You are in the archive Go to the current program
Thursday, September 8, 2016, 8.00 pm
World-Class Orchestras


Antonín Dvořák: Concerto for Violoncello and Orchestra in B minor, Op. 104, B. 191Sergej Rachmaninov: Symphony No. 2 in E minor, Op. 27

One of Dvořák's supreme works will sound in an interpretation by superbly-qualified performers: the outstanding Czech cellist Jiří Bárta and the world-class London Symphony Orchestra, whose players build on a great tradition of performing Dvořák's music in England. Rounding out the programme will be the intoxicating late romantic music of Sergei Rachmaninoff.

  • Dress code: dark suit
  • Doors close: 19.55
  • End of concert: 22.00


Jiří Bárta

The most respected Czech cellist of the present time, Jiří Bárta studied his instrument with Josef Chuchro and Mirko Škampa in Prague, and with Boris Pergamenschikow in Cologne. He was won prestigious honours in many international competitions including the Rostropovich-Hammer Award in Los Angeles. He works with leading orchestras both in the Czech Republic and abroad like the Czech Philharmonic, London's Royal Philharmonic, and the Berlin Symphony, and with conductors such as Jiří Bělohlávek, Charles Dutoit, Gennady Rozhdestvensky, and Maxim Shostakovich. He appears regularly in major festivals and on concert stages in Barcelona, Berlin, Buenos Aires, Edinburgh, Istanbul, Los Angeles, Munich, New York, Paris, Salzburg, Tokyo, London, and elsewhere. Highly prized are his recordings for the Supraphon label, especially of Bach's cello suites, both concertos by Shostakovich, and both concertos by Dvořák. He also plays frequently with jazz musicians.

Jiří Bárta - cello

London Symphony Orchestra

The Orchestra is one of the most esteemed musical ensembles of Europe. Founded in 1904, it was led during its early phase by conductors who stood at the pinnacle of their art: Hans Richter, Sir Edward Elgar, and Sir Thomas Beecham. During the course of the twentieth century, too, many topflight artists served as chief conductor, of which we might mention at least André Previn, Claudio Abbado, and Sir Colin Davis. The London Symphony performs regularly both in its home base, Barbican Hall in London, and on the most prestigious concert stages all over Europe and the United States. The ensemble is often called 'the most recorded orchestra in the world': starting already in 1912, it has shared in thousands of recordings, not only in the area of concert music. A specialty of the orchestra is recording film music, including for example the music for Star Wars.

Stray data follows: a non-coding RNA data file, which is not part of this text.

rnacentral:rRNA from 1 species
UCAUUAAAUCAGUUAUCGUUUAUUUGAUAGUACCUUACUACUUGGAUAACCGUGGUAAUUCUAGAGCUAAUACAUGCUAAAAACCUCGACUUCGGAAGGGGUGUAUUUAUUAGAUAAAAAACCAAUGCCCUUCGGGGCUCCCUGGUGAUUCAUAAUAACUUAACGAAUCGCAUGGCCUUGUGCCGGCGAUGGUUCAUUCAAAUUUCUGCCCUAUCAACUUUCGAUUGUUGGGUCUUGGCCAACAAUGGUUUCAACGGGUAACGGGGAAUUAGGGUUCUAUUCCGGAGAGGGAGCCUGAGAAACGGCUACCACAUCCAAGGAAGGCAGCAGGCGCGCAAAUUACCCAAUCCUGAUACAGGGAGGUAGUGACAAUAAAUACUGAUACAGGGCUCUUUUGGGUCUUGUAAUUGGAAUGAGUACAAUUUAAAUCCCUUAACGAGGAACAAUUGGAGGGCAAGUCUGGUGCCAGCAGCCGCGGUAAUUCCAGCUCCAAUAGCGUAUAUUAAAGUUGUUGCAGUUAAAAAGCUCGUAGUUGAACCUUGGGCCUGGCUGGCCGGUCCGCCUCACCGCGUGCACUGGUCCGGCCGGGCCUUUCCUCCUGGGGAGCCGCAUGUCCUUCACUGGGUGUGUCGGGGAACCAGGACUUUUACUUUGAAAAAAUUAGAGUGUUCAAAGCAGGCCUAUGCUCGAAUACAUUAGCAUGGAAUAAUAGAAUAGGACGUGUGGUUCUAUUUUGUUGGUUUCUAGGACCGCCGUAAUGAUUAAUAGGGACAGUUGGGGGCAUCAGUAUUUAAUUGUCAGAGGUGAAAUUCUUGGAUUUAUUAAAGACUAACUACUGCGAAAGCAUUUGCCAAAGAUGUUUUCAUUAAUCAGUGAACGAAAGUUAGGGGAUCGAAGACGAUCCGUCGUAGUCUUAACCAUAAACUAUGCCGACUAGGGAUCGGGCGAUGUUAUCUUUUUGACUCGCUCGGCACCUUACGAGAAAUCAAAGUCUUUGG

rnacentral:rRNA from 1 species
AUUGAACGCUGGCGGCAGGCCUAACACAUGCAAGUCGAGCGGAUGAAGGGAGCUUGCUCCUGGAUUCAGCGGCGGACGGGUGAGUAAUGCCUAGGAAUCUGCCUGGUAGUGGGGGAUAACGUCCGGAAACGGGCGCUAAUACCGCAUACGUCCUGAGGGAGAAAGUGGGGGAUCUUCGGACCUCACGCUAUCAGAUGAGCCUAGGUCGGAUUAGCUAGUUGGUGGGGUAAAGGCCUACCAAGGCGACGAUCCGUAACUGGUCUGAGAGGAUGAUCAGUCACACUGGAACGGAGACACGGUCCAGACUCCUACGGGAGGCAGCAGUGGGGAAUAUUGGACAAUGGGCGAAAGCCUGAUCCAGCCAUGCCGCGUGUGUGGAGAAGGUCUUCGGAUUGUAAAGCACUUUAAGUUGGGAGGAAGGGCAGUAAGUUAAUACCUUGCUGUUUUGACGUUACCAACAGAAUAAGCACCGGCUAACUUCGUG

London Symphony Orchestra

Gianandrea Noseda

The renowned Italian conductor Gianandrea Noseda studied conducting, piano, and composition. In 1997 at the invitation of Valery Gergiev he became the first foreigner in the role of principal guest conductor for the Mariinsky Theatre in St. Petersburg. From 2002 to 2008 he was the chief conductor of the BBC Philharmonic in Manchester, with which orchestra he made several recordings for the Chandos label and appeared in two years (2004 and 2006) in the Prague Autumn International Music Festival. He has led many of the foremost orchestras of the world as guest conductor, for example the New York Philharmonic, the Boston Symphony, the Israel Philharmonic, and the London Symphony. He also conducts operas, holding since 2007 the post of chief conductor of the orchestra of the Teatro Regio di Torino in Italy and appearing regularly as a guest with the Metropolitan Opera in New York, London's Covent Garden, and other prestigious companies.

Gianandrea Noseda - conductor

Rudolfinum, Dvořák Hall

The Rudolfinum is one of the most important Neo-Renaissance edifices in the Czech Republic. In its conception as a multi-purpose cultural centre it was quite unique in Europe at the time of its construction. Based on a joint design by two outstanding Czech architects, Josef Zítek and Josef Schultz, a magnificent building was erected serving for concerts, as a gallery, and as a museum. The grand opening on 7 February 1885 was attended by Crown Prince Rudolph of Austria, in whose honour the structure was named. In 1896 the very first concert of the Czech Philharmonic Orchestra took place in the Rudolfinum's main concert hall, under the baton of the composer Antonín Dvořák whose name was later bestowed on the hall.